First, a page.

Fifty years into his career, Bob Dylan is still making waves. Sometimes, just by showing up. Such is the case with his upcoming concert in Ramat Gan, a suburb of Tel Aviv, on June 20th. Cultural boycott, anyone? As always, Dylan is doing what he wants to, regardless of public opinion.
It’s tempting to try to pin down Bob Dylan’s political views. He was, after all, adopted as the voice of the 1960s. “Adopted” is the key word. Dylan’s songwriting has always meant what his audience wants him to mean. However, there’s no indication that the Minnesotan ever desired the role of a generational spokesperson.
Sometimes Bob Dylan is direct. There’s little doubt about what he means when, in Masters of War, he sings “I hope that you die/and your death will come soon/I’ll follow your casket by the pale afternoon/and I’ll watch while you’re lowered into your deathbed/ and I’ll stand over your grave till I’m sure that you’re dead.”
However, Dylan’s best work tends to be his most abstract. Whether it’s by playing with Old Testament imagery in 1965’s Highway 61 Revisited, or singing “Ezra Pound and T.S. Eliot fighting in the captain’s tower/while calypso singers laugh at them and fishermen hold flowers,” or the expositions on relationships on 1975’s Blood on the Tracks, the literary ambiguity of his work has helped the songwriter cultivate an extremely broad audience.
One of the most straightforward pieces Bob Dylan has ever written is Neighborhood Bully from his controversial 1983 album, Infidels. Espousing an avowedly Zionist point of view, the song, bemoaning Israel’s declining public image, (Dylan cites the 1967 Six Day War and Israel’s 1981 bombing of Iraq’s nuclear reactor) is as naÃ¯ve and stark as “The Times They Are A-Changin” twenty years before.
The difference is that “Times” held a broad appeal to Bob Dylan’s audience. Its celebration of the revolutionary spirit that was only starting to gather in the United States was both prescient and exciting. By 1983, when “Neighborhood Bully” came out, those same listeners had diverged along several political paths.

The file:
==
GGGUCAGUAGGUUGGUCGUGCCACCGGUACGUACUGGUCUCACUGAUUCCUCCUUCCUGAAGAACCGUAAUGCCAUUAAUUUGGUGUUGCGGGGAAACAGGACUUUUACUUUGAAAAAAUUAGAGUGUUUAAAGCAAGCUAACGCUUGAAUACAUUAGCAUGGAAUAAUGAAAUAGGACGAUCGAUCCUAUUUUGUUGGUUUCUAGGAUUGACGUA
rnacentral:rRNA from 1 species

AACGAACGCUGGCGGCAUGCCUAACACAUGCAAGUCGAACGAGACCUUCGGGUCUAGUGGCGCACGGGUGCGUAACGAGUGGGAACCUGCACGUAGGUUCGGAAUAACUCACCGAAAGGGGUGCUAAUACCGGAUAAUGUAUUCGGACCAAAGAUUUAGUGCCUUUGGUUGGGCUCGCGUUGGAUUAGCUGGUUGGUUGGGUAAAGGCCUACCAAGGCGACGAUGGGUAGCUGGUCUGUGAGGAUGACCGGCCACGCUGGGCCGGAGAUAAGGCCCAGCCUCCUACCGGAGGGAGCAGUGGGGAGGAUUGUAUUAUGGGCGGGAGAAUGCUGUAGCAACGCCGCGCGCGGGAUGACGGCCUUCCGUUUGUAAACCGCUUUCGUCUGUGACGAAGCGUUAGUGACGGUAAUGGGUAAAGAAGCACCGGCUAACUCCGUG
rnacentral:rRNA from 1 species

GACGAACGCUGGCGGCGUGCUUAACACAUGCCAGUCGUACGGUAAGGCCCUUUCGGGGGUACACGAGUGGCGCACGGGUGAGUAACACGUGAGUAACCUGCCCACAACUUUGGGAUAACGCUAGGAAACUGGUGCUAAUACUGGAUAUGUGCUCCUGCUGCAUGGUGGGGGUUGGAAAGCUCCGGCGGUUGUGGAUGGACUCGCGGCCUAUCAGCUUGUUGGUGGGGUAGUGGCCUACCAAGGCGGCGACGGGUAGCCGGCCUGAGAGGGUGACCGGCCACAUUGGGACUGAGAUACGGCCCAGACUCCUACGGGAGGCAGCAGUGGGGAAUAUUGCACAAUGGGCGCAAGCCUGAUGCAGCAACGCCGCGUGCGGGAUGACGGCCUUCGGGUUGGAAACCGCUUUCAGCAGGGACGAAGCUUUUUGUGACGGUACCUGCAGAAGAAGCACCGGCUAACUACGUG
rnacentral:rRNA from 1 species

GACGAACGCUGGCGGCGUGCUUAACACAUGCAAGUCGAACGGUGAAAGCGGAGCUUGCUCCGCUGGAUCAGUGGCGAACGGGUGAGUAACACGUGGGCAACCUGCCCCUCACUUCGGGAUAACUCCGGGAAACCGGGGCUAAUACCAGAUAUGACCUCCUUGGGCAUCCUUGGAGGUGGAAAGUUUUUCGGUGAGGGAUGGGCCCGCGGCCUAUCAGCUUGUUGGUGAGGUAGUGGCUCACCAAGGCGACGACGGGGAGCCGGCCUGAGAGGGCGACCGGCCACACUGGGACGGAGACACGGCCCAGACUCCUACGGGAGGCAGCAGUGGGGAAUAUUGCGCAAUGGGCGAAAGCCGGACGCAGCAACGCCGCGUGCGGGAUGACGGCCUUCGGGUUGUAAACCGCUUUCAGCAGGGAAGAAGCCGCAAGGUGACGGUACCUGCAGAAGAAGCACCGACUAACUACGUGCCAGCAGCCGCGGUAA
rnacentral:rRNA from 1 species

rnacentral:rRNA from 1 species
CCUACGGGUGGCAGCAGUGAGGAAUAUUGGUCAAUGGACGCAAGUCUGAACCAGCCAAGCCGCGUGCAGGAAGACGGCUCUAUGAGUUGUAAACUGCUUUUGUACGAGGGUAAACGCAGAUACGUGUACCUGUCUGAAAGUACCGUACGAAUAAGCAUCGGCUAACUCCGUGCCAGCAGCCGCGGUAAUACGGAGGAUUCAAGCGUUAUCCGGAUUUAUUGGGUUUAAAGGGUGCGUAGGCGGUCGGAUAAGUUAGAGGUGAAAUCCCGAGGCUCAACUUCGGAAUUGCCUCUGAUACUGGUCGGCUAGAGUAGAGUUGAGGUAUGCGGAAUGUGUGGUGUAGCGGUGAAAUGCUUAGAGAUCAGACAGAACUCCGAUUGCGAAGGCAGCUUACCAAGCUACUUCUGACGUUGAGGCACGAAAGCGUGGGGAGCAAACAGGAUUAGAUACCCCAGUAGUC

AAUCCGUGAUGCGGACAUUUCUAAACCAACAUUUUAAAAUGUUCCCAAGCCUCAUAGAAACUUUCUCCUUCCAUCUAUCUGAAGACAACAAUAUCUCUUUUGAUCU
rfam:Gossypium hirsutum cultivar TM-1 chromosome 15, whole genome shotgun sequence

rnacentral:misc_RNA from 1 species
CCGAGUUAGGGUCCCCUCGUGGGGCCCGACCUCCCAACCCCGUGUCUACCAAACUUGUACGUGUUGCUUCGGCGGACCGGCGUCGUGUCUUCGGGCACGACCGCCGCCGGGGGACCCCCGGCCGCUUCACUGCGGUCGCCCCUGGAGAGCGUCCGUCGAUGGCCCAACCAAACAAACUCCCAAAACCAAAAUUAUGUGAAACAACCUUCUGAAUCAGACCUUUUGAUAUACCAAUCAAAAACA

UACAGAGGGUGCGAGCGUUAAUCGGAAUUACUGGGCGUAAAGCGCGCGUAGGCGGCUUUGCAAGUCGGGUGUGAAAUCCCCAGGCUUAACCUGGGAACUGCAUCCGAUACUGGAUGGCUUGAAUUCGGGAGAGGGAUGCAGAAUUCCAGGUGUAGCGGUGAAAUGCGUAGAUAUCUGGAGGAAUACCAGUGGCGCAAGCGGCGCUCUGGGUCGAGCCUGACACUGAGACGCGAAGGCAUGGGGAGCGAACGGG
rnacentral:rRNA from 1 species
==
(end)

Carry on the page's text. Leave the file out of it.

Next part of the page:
For some, Dylan’s impassioned defense of Israel stands as an affirmation of their support for the state and their sense that Israel is unfairly singled out for opprobrium. For others, Bob Dylan was simply siding with the oppressor and against the oppressed. Following his previous conversion to Evangelical Christianity, to fans of his earlier work, Dylan’s defense of Israeli policy was yet another sign of how badly he had lost his way.
If “Neighborhood Bully” represented Bob Dylan’s thinking on Israel in 1983, and if it still reflects his politics today, those views are, at best, simplistic. Only those close to the songwriter truly know what is in his heart. There’s a well-known story about Dylan riding in a limousine with his contemporary, Phil Ochs, when Ochs criticized one of Dylan’s songs. Dylan threw Ochs out of the car saying, “You’re not a folksinger. You’re a journalist.” Perhaps there’s a clue there.
In 2005, Dylan wrote that his trip to the Western Wall wearing a kippah was an intentional stunt. He said “If the common perception of me out there in the public was that I was either a drunk, or I was a sicko, or a Zionist, or a Buddhist, or a Catholic, or a Mormon – all of this was better than ‘Archbishop of Anarchy.'”
Bob Dylan hasn’t played in Israel since 1993, so the upcoming concert is greatly anticipated. Much has obviously changed since his last local show. In light of the global call for artists to boycott Israel, his appearance has stirred controversy, though not as much as that which greeted Johnny Rotten’s decision to play in Tel Aviv last year.
Boycott, Divestment and Sanctions (BDS) activists have petitioned Bob Dylan to cancel his performance in Tel Aviv, but the campaign has been much less noisy than others, even compared to some that have involved lesser names than Bob Dylan.
To date, Dylan has, unsurprisingly, ignored any controversy. Beyond the obligatory protest, the BDS activists seem to have realized that there is little point in pushing him too hard.
On the issue of Israel and Judaism, Bob Dylan has been as confounding as on so many others. As far back as 1971, he caused a stir related to when Dylan said of the fanatical right-wing extremist Meir Kahane that “He’s a really sincere guy. He’s really put it all together.”
I met Kahane, and saw him speak a couple of times. He certainly was sincere in his beliefs. Kahane broadcasted a clear and coherent message. Is that what Dylan meant, or did he truly admire Kahane’s ideology? We will never know. But the quote remains cited nearly every time Dylan’s views on Judaism are discussed.
In the same vein, one can speculate on whether Bob Dylan’s concert in Israel next month is an expression of his previously stated political views. Or, if at the age of 70, he just wants to return to a part of the world he finds personally meaningful. Chances are we’ll all be answering that question a little bit differently.
This article is licensed courtesy of Babylon Times.